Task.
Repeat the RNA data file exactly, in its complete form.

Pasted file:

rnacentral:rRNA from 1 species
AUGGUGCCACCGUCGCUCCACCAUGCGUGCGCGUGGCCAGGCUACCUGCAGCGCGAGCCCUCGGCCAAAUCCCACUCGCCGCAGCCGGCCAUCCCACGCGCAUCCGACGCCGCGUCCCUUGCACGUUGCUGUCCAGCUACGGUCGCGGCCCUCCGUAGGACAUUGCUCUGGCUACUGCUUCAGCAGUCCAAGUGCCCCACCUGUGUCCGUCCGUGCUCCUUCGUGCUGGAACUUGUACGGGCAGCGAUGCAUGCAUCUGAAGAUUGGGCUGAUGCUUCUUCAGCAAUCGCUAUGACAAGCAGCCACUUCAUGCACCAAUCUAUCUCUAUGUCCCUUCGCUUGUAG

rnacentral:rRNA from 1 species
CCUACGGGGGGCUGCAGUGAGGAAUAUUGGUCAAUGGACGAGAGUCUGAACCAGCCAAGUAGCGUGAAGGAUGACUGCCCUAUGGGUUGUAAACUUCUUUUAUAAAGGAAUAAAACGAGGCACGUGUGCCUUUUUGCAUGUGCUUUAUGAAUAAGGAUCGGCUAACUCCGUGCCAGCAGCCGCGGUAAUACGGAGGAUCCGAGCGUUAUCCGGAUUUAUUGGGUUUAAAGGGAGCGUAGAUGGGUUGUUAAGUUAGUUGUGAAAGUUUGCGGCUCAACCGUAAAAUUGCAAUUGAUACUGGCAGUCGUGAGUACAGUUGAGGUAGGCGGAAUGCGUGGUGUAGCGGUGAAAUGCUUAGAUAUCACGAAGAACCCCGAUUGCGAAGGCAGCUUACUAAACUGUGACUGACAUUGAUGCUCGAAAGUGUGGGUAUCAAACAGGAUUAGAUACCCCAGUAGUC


rnacentral:rRNA from 1 species
AUGGUGCCACCGUCGCUCCACCAUGCGUGCGCGUGGCCAGGCUACCUGCAGCGCGAGCCCUCGGCCAAAUCCCACUCGCCGCAGCCGGCCAUCCCACGCGCAUCCGACGCCGCGUCCCUUGCACGUUGCUGUCCAGCUACGGUCGCGGCCCUCCGUAGGACAUUGCUCUGGCUACUGCUUCAGCAGUCCAAGUGCCCCACCUGUGUCCGUCCGUGCUCCUUCGUGCUGGAACUUGUACGGGCAGCGAUGCAUGCAUCUGAAGAUUGGGCUGAUGCUUCUUCAGCAAUCGCUAUGACAAGCAGCCACUUCAUGCACCAAUCUAUCUCUAUGUCCCUUCGCUUGUAG

rnacentral:rRNA from 1 species
CCUACGGGGGGCUGCAGUGAGGAAUAUUGGUCAAUGGACGAGAGUCUGAACCAGCCAAGUAGCGUGAAGGAUGACUGCCCUAUGGGUUGUAAACUUCUUUUAUAAAGGAAUAAAACGAGGCACGUGUGCCUUUUUGCAUGUGCUUUAUGAAUAAGGAUCGGCUAACUCCGUGCCAGCAGCCGCGGUAAUACGGAGGAUCCGAGCGUUAUCCGGAUUUAUUGGGUUUAAAGGGAGCGUAGAUGGGUUGUUAAGUUAGUUGUGAAAGUUUGCGGCUCAACCGUAAAAUUGCAAUUGAUACUGGCAGUCGUGAGUACAGUUGAGGUAGGCGGAAUGCGUGGUGUAGCGGUGAAAUGCUUAGAUAUCACGAAGAACCCCGAUUGCGAAGGCAGCUUACUAAACUGUGACUGACAUUGAUGCUCGAAAGUGUGGGUAUCAAACAGGAUUAGAUACCCCAGUAGUC